Articles tagged David Leslie

Page 50 of November 2018 archive issue thumbnail Page 50, November 2018

Historic scene: November 2018

Exploring how one small British racing team balances options, budgets and expectations on the international circuit Most prep shops I visit have Bugatti sumps and Zoller blowers on their workbenches, so to see inside a current GT outfit broadened my education, particularly in how you make racing viable. It’s not by running your own cars. If you watch GT racing, you’ll know the name Barwell...

Page 57 of November 1978 archive issue thumbnail Page 57, November 1978

National Racing Review

It has been a year of development, controversy and near-peak excitement, rather than a season of out-and-out classic motor racing on the national club scene. On the whole grids have been full - in the majority of cases near to over-flowing - and competition has been keen and fierce. It is, perhaps, a sign of the slightly easier times in which we live that there appears to have been no dire...

Page 29 of July 1984 archive issue thumbnail Page 29, July 1984

With Ecurie Ecosse to Le Mans

One’s earliest images of motor racing are always the brightest and one never recaptures the excitement of the schoolboy poring over every word of a race report. The first motor racing magazine I bought as a boy was a copy of MOTOR SPORT which contained the win at Le Mans by the Ecurie Ecosse D type Jaguar driven by Ron Flockhart and Ninian Sanderson. There was a story to capture the imagination,...

Page 98 of October 2014 archive issue thumbnail Page 98, October 2014

Mods and rockers

The wild world of Special Saloons and Modsports went out of fashion as the traditional grass roots became swamped with one-make championships. But now they’re back in vogue – and blooming Writer Gordon Cruickshank, photographer Howard Simmons There I was, slicing through Silverstone’s Bridge Corner, just clipping the apex when suddenly there were four cars stationary in front of me... Which is...

Page 135 of May 2014 archive issue thumbnail Page 135, May 2014

Changing landscapes

Brands Hatch, March 8-9: mainland circuit racing resumes… on two wheels only It wasn’t always thus. The dawn of March was once a symbol of winter’s completion: time to don gloves, scarf and stout walking boots, then set co-ordinates for Silverstone and the opening round of the British F3 Championship (when it spanned the whole season, rather than merely four months). This would be the classic,...

Page 100 of February 2014 archive issue thumbnail Page 100, February 2014

Lunch With... Steve Soper

This serial race winner and straight talker remained a factory driver for almost 20 years. No shortage of anecdotes here, then...Writer Simon Taylor | Photographer James Mitchell Most of the best drivers who earn their living in sports or touring cars have at least cut their teeth in the single-seater formulae. Steve Soper is different. This man racked up a fine career over more than 20 years,...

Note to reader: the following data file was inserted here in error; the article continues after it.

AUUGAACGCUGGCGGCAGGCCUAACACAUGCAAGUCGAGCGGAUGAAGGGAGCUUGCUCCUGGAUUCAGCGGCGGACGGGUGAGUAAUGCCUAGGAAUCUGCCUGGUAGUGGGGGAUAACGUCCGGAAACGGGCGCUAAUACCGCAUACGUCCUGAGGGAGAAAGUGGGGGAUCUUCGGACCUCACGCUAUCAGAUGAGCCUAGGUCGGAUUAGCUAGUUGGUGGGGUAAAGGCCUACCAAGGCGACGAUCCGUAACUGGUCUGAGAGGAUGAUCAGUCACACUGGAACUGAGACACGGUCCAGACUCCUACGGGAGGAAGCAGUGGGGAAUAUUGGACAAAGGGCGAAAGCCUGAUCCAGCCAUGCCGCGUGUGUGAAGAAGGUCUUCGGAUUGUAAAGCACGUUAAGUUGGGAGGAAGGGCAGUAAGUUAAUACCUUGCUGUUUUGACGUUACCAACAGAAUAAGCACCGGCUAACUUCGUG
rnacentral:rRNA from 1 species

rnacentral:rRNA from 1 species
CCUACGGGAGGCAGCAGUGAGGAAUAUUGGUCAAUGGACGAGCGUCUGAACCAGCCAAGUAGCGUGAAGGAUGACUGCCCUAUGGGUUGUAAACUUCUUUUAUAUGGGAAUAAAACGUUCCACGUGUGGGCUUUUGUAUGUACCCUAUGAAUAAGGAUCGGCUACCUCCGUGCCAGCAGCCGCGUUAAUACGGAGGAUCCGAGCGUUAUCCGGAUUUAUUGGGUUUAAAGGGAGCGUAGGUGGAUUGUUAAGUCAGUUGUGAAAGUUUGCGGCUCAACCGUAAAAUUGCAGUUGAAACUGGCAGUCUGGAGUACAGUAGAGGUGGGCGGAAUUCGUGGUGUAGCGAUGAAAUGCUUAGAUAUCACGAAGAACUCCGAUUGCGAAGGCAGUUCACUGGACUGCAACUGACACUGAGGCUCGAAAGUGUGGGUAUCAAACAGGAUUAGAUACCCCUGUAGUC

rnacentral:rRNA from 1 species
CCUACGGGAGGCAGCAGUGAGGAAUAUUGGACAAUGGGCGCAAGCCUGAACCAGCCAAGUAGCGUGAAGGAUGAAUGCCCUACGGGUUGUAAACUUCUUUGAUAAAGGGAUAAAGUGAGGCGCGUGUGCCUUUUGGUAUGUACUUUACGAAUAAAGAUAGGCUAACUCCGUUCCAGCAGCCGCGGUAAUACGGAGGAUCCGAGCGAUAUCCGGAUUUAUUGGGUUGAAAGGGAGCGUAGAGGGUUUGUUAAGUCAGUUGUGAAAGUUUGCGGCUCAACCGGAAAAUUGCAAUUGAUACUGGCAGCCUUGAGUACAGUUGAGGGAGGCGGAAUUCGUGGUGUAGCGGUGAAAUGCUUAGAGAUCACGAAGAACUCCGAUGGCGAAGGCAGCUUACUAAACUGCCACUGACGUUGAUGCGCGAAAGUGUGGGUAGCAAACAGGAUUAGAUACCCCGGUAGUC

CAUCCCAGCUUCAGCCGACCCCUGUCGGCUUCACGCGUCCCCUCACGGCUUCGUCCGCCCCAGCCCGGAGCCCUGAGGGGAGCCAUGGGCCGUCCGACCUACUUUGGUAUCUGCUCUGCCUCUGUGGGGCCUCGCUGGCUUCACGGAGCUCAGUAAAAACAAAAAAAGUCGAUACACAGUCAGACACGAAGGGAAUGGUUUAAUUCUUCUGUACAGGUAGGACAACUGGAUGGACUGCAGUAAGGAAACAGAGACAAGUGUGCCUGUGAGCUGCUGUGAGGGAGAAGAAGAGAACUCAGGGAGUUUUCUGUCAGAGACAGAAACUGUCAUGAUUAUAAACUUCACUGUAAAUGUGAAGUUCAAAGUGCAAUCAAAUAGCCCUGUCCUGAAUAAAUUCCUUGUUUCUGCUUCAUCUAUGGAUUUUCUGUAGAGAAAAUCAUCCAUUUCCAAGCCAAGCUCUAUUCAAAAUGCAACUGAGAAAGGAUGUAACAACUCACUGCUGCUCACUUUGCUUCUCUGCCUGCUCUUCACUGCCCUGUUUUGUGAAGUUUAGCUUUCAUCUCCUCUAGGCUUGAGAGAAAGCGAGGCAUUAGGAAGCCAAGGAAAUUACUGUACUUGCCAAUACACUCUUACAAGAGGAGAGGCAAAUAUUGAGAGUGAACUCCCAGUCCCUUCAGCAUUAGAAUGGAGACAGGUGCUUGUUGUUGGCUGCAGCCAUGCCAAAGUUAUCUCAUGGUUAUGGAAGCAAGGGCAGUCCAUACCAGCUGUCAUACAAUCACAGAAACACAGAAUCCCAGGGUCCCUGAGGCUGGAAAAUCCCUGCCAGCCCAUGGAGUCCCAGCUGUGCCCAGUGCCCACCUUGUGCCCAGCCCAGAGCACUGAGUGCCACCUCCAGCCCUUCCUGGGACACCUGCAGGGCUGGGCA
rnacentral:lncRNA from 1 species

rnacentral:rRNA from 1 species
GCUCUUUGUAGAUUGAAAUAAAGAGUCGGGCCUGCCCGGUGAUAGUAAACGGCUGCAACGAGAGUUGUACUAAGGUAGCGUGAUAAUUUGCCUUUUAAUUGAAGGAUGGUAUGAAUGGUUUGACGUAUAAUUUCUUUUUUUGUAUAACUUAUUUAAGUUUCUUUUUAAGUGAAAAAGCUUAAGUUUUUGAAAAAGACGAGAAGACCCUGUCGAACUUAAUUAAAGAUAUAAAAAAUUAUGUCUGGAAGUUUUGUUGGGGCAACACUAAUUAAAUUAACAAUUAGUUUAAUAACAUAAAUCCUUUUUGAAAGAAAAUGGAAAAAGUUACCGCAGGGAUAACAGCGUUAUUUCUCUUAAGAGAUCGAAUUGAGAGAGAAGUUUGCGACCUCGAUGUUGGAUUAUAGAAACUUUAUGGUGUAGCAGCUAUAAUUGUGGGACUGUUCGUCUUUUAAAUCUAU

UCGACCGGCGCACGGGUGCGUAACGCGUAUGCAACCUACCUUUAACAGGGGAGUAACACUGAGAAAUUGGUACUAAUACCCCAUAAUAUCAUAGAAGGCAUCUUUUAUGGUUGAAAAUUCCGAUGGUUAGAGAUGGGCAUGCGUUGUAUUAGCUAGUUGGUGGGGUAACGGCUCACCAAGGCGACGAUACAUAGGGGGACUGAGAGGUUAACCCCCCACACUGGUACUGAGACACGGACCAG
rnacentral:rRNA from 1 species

Page 4 of August 1993 archive issue thumbnail Page 4, August 1993

The month in Motor Sport

June 16: Having passed scrutineering at Le Mans, the Jaguar X122005 are declared illegal after it is observed that they are running without catalysts. After some discussion. TWR appeals and the cars are allowed to run pending the outcome. 16: Shortly after setting what was to be the Le Mans pole time, Philippe Alliot crashes his Peugeot. Although the car is initially declared to be a write-off,...

Page 124 of July 2010 archive issue thumbnail Page 124, July 2010

Jaguar XJ220

The XJ220 wasn’t the car that Jaguar had promised its customers – in fact, in a happy twist of fate the end product turned out to be even betterBy Richard Heseltine Oh to have been a fly on the wall when this series was first mooted. Just imagine the pitch: a championship for racing drivers no younger than 50 years of age competing in identical Jaguar XJ220 supercars. Worth the best part of £500K...

Page 58 of April 1979 archive issue thumbnail Page 58, April 1979

A Spectator's Guide to 1979 British Racing

During a winter when even Formula One sponsorship stopped being the right of every team one could be forgiven for thinking that 1979 might be a very tough season indeed for those racing primarily in Britain. In fact the opening races of the British season proved that we are likely to see some of the most entertaining and financially well-supported motor racing seasons of all. The Aurora model car...

Page 10 of July 1989 archive issue thumbnail Page 10, July 1989

World Sportscar Championship: Dijon 480-kms

That magic ingredient What seemed like a formality for the Sauber Mercedes team at Dijon on May 21, and therefore a contest for third place, turned into a splendid success for an underdog Porsche, a Reinhold Joest 962C driven by Bob Wollek and Frank Jelinski. It might seem rather far-fetched to describe a Joest Porsche as an underdog, but it had been almost two years since a product of Weissach...

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